A new book tackles the thorny issue of use of plastics in gardens – the first ever guide showing gardeners a way to cut back on un-recyclable materials.
It plots a path through the confusion, highlighting progress, revealing where problems lie and giving gardeners guidance and a wealth of practical ideas on how to reduce their reliance on plastics.
'Plastic-free Gardening', written by Fiona Thackeray, head of operations with Trellis, Scotland's therapeutic gardening charity, includes tips and techniques on how to reduce or eradicate plastics as well listing stockists and suppliers of products made from alternative materials.
It also provides up-to-date information on which plastics can and can't be recycled and how the gardening industry and local authorities, which handle kerb-side collections, are responding to the challenge.
It's a timely message for anyone who has ditched supermarket shopping bags and faithfully recycles drinks bottles and milk cartons, but who has been overwhelmed by the tide of containers, plant labels, tools and compost sacks that seem to be an inevitable part of gardening.
"These are changing times and progress is being made towards replacing and recycling the plastics involved in gardening, but there is no one, clear answer to the problem," says Fiona.
Plastics have invaded every corner of the garden, and it's not just pots - from the linings of foil seed packets to outdoor clothing, packaging for plant foods and fertilisers and in crop-protection materials such as fleece, cloches and polytunnels - plastics proliferate.
Fiona talked with scientists and leading experts in the field about what's being done to solve the issue and what alternative materials are coming on stream.
“In writing the book I didn't want to make gardeners feel guilty about their choices, but instead give them the best information possible on how they could find alternative ways of avoiding or reducing plastics,” says Fiona.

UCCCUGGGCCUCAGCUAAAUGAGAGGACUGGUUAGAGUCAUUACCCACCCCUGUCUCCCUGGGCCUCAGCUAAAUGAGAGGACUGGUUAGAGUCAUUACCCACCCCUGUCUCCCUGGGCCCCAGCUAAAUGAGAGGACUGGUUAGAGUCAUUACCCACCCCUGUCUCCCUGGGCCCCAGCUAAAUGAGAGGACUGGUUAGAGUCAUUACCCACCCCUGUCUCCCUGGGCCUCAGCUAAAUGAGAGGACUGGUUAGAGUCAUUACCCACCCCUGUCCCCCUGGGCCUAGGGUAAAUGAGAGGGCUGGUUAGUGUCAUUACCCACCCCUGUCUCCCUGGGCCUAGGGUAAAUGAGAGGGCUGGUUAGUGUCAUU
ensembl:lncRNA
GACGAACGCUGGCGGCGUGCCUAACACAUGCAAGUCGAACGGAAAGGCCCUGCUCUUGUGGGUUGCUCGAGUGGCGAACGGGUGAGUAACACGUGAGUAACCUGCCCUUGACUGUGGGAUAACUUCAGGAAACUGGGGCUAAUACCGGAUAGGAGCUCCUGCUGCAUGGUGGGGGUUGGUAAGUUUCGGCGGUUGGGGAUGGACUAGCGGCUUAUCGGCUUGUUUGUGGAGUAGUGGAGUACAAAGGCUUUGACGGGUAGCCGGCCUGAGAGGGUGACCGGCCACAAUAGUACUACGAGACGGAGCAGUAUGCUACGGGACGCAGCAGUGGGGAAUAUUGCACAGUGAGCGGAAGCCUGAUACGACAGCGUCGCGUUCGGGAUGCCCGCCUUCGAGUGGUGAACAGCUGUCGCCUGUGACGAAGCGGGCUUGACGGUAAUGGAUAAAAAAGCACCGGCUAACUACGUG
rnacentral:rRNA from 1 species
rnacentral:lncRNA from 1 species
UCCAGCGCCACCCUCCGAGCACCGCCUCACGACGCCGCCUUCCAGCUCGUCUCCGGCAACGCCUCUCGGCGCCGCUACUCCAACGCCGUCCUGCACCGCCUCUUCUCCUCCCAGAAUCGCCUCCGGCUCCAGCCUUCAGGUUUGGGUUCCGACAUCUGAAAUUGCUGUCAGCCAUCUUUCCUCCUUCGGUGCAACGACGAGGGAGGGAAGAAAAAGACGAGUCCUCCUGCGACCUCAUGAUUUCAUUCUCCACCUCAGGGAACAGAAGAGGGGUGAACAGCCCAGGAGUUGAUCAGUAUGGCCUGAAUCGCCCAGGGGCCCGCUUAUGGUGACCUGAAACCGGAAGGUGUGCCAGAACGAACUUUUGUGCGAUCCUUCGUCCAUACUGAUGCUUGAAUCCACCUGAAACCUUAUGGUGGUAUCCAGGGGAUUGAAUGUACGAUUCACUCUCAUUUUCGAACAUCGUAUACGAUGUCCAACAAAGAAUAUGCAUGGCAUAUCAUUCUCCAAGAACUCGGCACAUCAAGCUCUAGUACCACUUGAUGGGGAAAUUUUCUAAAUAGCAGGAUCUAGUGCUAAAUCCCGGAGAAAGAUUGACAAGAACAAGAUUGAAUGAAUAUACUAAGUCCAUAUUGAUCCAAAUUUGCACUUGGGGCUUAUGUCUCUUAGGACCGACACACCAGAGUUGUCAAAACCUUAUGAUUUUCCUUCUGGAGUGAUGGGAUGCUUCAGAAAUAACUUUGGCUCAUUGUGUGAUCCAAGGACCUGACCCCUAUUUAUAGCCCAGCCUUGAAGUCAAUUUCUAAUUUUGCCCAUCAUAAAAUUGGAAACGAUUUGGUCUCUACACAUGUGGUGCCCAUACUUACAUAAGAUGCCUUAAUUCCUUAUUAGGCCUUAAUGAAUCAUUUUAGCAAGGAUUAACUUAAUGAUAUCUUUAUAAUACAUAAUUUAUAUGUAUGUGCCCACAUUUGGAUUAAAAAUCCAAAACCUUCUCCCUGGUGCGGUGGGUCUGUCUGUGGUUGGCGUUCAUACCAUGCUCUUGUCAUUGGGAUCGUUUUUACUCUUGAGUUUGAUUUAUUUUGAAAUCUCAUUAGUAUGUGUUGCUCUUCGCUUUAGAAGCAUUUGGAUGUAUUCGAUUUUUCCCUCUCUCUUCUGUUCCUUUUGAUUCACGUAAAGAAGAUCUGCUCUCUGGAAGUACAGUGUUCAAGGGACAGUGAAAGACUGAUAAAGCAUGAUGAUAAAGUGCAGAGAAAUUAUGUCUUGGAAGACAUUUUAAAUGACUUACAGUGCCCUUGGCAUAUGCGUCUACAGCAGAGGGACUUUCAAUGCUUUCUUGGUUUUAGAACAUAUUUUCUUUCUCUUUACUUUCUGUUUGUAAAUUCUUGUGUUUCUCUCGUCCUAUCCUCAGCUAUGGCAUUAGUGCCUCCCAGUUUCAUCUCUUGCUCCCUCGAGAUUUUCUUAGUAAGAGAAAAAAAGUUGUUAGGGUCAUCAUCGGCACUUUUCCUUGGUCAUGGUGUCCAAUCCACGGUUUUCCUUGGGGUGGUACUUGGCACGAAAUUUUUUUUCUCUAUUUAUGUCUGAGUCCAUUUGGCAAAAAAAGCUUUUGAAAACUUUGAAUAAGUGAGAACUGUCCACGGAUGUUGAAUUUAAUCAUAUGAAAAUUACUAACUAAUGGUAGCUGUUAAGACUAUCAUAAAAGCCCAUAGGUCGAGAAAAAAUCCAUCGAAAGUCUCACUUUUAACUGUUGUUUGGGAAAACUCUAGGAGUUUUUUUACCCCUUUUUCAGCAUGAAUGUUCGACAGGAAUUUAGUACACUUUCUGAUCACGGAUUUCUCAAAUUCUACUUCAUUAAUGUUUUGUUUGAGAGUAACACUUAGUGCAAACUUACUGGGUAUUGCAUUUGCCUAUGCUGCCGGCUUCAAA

Her own commitment to reducing plastics was given added impetus in 2014 when, on a beach in São Paulo State in Brazil, she found a loggerhead turtle being pecked by vultures and dying of plastics ingestion.
The power of small steps like replacing plastic plant pots and the disposable cups Trellis uses at to ones without a plastic lining should not be underestimated, Fiona says.
Fiona's tips for reducing plastics in the garden include:
- Switch to pots made from cornstarch, rice husks, bamboo, seaweed or some of the alternative materials that are now becoming available.
- When replacing garden tools choose those with wooden handles.
- Consider switching what you grow to plants and crops that don't need protection from fleece or other plastic products
- Opt for wooden garden furniture and storage, not synthetic alternatives.
- Make your own fertiliser from seaweed, comfrey or nettles.
‘Plastic-free Gardening’ is published on 3 December by Trellis Books, £11.99